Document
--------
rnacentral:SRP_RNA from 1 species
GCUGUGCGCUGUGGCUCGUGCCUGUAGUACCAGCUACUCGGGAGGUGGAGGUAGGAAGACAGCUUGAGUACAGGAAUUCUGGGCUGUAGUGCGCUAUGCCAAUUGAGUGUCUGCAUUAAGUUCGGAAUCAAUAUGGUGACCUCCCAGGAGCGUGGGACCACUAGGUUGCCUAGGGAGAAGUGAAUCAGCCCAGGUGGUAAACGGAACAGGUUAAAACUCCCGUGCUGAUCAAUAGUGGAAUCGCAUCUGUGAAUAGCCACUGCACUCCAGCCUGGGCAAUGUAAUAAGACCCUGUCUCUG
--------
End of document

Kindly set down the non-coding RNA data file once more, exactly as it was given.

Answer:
rnacentral:SRP_RNA from 1 species
GCUGUGCGCUGUGGCUCGUGCCUGUAGUACCAGCUACUCGGGAGGUGGAGGUAGGAAGACAGCUUGAGUACAGGAAUUCUGGGCUGUAGUGCGCUAUGCCAAUUGAGUGUCUGCAUUAAGUUCGGAAUCAAUAUGGUGACCUCCCAGGAGCGUGGGACCACUAGGUUGCCUAGGGAGAAGUGAAUCAGCCCAGGUGGUAAACGGAACAGGUUAAAACUCCCGUGCUGAUCAAUAGUGGAAUCGCAUCUGUGAAUAGCCACUGCACUCCAGCCUGGGCAAUGUAAUAAGACCCUGUCUCUG